Israel army chief: IRI nukes can be destroyed. Regime Change Iran quotes a Dow Jones bulletin: 'Israeli military chief Dan Halutz Tuesday said Iran's nuclear program "can be destroyed," Israel's Army Radio said. The report quoted Halutz as making the comments during a conference at Tel Aviv University. ' Meanwhile, Hyscience cites a report from the Guardian: 'The Iranian government has been successfully scouring Europe for the sophisticated equipment needed to develop a nuclear bomb, according to the latest western intelligence assessment of the country's weapons programmes. Scientists in Tehran are also shopping for parts for a ballistic missile capable of reaching Europe, with "import requests and acquisitions ... registered almost daily", the report seen by the Guardian concludes. ...' (RCI; Guardian via Hyscience)
Debka: Syrian intel chief flees to London. Latest from Debka: 'Retired General Ali Duba, known as father of Syrian intelligence and loyal aide of Presidents Assad father and son has fled to London from Damascus. This defection follows the blunt charges leveled against Bashar Assad by former Syrian vice president Khalam Haddam last Friday, and the UN inquiry commission’s demand that the Syrian president make himself available for questioning in the Hariri assassination.' (Debka)
"Beyond the Mafia regimes." Syrian heretic Amarji: 'Corruption is the Number One obstacle in the face of development in our haggard part of the world. Entrenched regimes which act more like mafia conglomerates than actual governments can never produce the sort of reforms needed to help bridge the Development Gap separating us from the rest of the world. Therefore, those of us who are seriously interested in seeing this region living up to its full potential in terms of being able to provide for the material wellbeing of its various peoples have the awesome responsibility of trying to build alternatives to existing regimes from the ground up. ...' Be sure to follow the link to Dar Emar. (Amarji)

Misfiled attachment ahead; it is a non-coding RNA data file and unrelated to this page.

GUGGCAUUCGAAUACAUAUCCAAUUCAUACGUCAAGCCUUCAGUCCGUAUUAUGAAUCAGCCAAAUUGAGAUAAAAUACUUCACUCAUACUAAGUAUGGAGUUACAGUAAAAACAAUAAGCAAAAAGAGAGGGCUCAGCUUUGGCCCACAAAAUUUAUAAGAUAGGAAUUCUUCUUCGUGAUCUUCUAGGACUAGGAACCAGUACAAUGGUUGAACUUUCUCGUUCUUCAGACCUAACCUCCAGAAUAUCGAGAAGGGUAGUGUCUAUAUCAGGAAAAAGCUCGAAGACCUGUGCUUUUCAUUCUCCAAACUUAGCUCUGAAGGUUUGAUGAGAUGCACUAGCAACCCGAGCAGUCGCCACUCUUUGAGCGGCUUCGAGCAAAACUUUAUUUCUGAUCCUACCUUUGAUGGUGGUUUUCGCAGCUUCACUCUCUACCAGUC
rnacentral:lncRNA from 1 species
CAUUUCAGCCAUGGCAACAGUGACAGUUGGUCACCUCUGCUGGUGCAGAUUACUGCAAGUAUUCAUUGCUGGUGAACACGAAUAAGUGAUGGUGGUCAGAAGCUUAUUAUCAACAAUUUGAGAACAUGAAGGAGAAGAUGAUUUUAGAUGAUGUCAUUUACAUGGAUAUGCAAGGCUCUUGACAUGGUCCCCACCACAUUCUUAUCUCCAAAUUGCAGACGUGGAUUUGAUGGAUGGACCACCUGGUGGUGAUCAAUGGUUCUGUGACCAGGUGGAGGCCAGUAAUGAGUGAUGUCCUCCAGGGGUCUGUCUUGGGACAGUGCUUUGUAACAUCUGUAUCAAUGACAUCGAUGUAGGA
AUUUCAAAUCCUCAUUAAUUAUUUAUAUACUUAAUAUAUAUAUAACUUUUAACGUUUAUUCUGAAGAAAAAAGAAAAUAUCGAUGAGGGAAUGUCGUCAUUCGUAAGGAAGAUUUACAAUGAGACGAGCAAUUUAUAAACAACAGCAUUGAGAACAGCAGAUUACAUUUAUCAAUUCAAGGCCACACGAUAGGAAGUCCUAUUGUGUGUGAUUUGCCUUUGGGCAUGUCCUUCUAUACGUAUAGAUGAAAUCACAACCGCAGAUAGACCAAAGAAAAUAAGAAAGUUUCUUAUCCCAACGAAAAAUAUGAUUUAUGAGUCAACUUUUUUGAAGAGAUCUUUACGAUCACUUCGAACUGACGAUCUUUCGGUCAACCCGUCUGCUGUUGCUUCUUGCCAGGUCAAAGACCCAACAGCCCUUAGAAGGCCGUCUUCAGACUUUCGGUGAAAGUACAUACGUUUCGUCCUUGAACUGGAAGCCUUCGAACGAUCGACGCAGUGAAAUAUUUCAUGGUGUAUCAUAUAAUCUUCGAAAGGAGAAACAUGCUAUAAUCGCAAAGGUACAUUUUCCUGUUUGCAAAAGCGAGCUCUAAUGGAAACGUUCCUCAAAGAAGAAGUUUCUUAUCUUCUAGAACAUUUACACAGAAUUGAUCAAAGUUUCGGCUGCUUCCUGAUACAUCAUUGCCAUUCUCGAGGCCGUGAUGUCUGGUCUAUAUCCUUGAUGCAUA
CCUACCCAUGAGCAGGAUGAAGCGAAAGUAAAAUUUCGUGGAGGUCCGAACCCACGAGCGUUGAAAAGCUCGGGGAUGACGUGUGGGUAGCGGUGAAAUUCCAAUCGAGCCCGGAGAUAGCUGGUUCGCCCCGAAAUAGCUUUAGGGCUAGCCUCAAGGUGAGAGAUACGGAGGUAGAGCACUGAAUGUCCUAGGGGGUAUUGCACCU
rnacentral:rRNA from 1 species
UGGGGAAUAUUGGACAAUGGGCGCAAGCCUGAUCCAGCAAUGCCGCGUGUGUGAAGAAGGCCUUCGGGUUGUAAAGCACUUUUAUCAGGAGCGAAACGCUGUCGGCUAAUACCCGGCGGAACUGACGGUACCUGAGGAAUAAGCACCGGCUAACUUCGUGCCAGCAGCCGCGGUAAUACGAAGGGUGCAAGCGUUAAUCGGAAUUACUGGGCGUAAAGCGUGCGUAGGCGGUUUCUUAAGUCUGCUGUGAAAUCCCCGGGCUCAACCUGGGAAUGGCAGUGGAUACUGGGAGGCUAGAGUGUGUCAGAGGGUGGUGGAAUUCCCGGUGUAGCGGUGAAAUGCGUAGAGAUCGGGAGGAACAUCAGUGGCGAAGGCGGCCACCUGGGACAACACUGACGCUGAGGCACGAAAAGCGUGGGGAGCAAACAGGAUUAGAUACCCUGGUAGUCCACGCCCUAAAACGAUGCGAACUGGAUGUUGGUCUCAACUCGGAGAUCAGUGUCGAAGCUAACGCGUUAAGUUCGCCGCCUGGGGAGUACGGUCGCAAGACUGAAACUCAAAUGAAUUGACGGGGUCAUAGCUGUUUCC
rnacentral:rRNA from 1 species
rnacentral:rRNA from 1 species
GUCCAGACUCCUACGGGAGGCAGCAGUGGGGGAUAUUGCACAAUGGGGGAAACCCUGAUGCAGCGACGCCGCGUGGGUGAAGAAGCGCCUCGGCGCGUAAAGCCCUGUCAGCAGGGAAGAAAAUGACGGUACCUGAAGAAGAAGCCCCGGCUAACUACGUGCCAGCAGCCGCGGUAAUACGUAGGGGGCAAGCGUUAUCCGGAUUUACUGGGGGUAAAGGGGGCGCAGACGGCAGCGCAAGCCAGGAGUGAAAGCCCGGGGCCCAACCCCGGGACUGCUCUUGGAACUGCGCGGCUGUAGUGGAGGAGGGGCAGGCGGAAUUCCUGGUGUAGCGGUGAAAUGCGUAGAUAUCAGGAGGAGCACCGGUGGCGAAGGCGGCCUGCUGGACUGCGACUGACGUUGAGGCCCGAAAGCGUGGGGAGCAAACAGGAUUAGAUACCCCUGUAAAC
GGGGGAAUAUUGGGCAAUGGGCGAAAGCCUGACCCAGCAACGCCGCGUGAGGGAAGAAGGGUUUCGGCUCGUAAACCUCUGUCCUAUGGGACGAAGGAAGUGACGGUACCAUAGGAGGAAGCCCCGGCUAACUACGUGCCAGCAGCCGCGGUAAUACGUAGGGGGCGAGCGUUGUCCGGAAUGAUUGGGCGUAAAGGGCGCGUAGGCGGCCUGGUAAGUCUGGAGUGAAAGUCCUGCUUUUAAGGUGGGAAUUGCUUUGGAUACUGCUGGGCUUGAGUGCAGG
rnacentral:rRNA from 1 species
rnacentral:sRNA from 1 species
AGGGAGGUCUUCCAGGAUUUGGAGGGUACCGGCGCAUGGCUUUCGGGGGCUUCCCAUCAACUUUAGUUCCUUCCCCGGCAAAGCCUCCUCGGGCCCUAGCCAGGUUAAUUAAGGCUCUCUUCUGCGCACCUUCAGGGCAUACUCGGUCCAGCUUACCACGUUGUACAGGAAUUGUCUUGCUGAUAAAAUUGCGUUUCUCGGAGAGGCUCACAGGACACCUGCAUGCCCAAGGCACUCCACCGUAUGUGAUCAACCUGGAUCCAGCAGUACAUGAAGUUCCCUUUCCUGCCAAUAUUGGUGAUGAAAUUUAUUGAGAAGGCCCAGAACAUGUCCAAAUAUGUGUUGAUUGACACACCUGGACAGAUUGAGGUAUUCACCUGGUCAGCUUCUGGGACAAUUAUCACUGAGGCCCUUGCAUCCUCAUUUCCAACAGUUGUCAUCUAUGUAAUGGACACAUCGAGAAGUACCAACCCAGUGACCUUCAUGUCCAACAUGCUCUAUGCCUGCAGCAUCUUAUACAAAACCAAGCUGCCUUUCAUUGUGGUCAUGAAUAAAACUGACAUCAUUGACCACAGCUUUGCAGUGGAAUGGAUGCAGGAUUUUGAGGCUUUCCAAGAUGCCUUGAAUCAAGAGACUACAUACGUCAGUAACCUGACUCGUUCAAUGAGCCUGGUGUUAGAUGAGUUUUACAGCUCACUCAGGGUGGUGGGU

Ed on Abramoff scandal. Captain's Quarters reacts to the Abramoff scandal. Among his conclusions: 'The most significant development from this scandal will be the almost-certain disqualification for serious Presidential runs by anyone currently on the Hill, including Hill(ary) herself. Abramoff's stench will touch everyone currently noted for front-runner status, except possibly the most radical of Democrats, such as John Kerry -- who isn't going to get a second chance anyway. The next President of the US will be someone in a governor's seat now, and someone who hasn't served in Congress before. It could very well be Mitt Romney against Bill Richardson or Mark Warner. We'll see how it develops, but if the Abramoff corruption goes as deep as prosecutors say, look for an unprecedented series of power shifts in the next two cycles -- not partisan, but demographic, as American voters start looking for fresh choices.' (Captain's Quarters)
UPDATE: Fausta at the Bad Hair Blog has lots more links on the Abramoff scandal, and other important issues of the day. Go catch Fausta, who picks up where Morning Report leaves off.